Wow, entirely understandable that it's a subject that gives you cause for concern, so glad she safely fought her way through it. Hmmmmm, so I apparently have the same taste as young(ish) girls and Zotis .... 'scuse me while I try and find where I put the shotgun cartridges

Damn, had no idea you're just getting into him. Awesome that you are enjoying his work I've seen them all Fantastic Mr. Fox is my personal favourite but they are all good.
Yeah, I think as much as anything the titles just never really grabbed my attention enough to take a closer look. On the plus side though at least I have more unseen stuff of his to look forward to than most people



You've gotta stop watching so many movies, Chyp. You're making me feel all inadequate over here. It's like the boys' locker room all over again.

I appreciate that you're already diving into the 30's. I've seen a healthy number of films from the 40's to the present, but my knowledge of 30's cinema is seriously lacking. This Monthly Movie Mumble will certainly be a valuable resource for gathering recommendations. I also appreciate the color coding to help single out films from that decade. Never heard of Mazurka, for instance, but I'll now be keeping an eye out for it, along with a few other 30's films that you've given positive ratings.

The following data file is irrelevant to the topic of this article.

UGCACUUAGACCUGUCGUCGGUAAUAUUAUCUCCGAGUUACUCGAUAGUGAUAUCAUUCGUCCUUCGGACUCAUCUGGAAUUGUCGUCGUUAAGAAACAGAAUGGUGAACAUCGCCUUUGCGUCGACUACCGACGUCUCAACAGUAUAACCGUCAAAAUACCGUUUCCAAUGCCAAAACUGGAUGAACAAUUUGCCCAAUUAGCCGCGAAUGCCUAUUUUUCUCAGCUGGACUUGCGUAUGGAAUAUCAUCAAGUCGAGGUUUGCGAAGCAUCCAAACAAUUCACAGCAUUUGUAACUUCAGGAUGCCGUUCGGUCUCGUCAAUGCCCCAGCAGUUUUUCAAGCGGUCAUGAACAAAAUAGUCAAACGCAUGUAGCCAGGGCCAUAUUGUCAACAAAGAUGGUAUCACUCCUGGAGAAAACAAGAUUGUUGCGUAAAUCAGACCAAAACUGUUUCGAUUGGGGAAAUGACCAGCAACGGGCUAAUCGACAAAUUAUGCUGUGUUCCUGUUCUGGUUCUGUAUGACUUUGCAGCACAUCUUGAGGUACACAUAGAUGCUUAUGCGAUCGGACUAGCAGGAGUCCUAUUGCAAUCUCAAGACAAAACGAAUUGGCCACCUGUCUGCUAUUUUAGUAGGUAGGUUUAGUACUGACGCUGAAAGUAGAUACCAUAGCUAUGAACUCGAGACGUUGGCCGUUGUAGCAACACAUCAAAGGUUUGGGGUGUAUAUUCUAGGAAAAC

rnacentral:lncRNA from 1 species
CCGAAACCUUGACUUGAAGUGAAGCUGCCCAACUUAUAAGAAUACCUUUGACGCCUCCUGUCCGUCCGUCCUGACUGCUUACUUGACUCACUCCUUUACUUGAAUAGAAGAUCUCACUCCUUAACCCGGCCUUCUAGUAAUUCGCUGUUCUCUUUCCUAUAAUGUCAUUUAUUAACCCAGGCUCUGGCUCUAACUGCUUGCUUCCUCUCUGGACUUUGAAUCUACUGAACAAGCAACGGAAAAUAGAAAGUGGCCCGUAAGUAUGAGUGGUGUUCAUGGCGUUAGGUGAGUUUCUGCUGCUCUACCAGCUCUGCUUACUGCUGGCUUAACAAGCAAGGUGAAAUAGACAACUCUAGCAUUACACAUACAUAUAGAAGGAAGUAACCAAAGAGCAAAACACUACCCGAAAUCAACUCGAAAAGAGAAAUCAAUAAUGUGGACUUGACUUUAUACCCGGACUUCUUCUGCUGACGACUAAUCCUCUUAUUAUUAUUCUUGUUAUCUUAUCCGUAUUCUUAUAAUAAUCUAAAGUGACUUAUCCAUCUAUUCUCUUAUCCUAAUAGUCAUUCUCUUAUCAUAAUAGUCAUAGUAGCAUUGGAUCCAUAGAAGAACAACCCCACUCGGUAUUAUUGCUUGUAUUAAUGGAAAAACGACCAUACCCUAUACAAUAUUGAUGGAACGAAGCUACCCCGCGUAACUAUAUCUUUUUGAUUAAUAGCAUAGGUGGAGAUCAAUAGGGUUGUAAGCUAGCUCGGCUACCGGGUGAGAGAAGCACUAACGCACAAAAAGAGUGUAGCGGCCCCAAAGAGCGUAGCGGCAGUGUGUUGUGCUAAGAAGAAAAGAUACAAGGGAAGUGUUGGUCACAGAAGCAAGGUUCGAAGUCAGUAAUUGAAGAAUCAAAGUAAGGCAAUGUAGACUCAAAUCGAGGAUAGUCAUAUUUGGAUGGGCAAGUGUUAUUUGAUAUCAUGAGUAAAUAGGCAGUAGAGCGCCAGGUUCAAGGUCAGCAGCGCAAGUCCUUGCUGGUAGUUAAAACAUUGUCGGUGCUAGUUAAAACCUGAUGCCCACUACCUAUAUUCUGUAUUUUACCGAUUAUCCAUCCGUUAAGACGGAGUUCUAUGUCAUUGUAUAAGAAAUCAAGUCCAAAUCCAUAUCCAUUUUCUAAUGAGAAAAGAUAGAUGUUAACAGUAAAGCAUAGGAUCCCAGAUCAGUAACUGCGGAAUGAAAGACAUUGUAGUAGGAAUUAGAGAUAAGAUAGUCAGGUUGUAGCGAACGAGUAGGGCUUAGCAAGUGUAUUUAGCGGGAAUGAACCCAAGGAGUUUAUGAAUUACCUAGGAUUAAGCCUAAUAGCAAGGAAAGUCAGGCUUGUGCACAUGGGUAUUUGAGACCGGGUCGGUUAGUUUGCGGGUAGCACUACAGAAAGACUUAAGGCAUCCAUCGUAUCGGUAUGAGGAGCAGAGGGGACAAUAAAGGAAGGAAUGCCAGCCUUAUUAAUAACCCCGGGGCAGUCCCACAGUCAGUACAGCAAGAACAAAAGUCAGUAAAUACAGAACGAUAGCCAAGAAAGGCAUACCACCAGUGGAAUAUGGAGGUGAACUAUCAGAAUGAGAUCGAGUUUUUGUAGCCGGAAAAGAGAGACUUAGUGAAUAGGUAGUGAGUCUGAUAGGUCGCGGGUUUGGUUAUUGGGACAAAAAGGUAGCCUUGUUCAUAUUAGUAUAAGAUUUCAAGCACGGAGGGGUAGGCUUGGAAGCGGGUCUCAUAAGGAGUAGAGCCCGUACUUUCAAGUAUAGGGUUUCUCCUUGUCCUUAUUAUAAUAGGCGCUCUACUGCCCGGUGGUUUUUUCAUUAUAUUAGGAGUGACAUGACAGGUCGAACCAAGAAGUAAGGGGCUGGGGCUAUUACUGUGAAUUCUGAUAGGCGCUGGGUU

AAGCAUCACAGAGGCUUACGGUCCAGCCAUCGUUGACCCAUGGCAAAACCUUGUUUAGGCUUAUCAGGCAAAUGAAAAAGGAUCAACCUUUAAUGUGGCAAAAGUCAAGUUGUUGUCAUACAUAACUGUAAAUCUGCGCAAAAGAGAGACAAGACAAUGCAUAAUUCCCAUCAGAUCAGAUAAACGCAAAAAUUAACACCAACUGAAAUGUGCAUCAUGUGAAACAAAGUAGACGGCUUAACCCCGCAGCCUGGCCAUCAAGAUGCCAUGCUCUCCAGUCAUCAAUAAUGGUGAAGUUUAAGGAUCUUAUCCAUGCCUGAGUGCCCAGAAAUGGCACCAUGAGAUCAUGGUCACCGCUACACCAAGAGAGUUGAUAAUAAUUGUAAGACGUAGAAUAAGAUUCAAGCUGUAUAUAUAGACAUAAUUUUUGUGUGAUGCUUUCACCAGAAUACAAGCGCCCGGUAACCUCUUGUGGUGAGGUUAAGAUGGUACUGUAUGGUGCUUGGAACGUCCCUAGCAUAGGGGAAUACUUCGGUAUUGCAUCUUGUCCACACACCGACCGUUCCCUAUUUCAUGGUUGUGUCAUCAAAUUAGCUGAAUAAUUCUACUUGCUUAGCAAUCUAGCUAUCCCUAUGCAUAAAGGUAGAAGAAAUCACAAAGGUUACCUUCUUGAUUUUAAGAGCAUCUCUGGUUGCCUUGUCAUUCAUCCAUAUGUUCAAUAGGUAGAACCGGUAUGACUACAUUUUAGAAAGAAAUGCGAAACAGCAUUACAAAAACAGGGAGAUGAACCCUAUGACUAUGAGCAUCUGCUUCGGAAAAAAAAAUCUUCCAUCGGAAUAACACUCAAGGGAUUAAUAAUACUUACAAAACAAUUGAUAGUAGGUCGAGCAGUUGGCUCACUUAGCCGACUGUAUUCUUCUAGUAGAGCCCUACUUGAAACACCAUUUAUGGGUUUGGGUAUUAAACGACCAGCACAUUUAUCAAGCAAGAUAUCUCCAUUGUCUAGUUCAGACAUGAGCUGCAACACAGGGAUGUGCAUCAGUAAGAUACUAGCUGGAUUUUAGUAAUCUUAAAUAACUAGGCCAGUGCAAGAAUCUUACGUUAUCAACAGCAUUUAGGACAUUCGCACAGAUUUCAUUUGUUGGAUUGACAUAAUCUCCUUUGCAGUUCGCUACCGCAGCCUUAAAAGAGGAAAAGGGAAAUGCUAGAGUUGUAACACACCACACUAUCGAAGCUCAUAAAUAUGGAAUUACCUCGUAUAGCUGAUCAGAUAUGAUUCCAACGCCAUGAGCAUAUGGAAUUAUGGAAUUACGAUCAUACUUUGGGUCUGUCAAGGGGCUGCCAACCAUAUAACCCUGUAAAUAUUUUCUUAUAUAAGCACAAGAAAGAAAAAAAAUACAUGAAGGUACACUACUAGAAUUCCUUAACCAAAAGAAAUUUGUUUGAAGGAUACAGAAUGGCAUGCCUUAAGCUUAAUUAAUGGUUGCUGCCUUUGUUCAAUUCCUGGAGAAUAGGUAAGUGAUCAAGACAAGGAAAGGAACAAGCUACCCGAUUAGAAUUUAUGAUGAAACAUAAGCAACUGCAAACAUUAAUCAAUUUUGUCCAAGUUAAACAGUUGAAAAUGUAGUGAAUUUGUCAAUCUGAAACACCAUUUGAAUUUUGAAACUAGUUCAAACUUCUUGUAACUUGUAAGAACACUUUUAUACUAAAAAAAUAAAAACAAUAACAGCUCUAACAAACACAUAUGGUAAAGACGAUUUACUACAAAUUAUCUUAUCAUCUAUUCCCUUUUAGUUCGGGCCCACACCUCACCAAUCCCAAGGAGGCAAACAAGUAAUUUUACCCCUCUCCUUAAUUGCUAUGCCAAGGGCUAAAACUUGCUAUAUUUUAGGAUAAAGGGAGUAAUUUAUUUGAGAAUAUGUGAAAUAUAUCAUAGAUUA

We appear to share similar sentiments toward most of our shared viewings thus far this year. My attention admittedly wandered during Barry Lyndon, but the film itself is gorgeous. I wish I hadn't known anything about Triangle, but even with some of its twists already spoiled for me, the setting and unique concept kept me on the edge of my seat. I give Yojimbo the slight edge over Sanjuro, but both are great. I've been tempted to recommend Pretty Baby to people in the past just to see if they freak out and think they've committed a crime for witnessing 12-year-old Brooke Shields in the buff, but people already think I'm weird enough, so best not to add registered sex offender to my list of descriptors.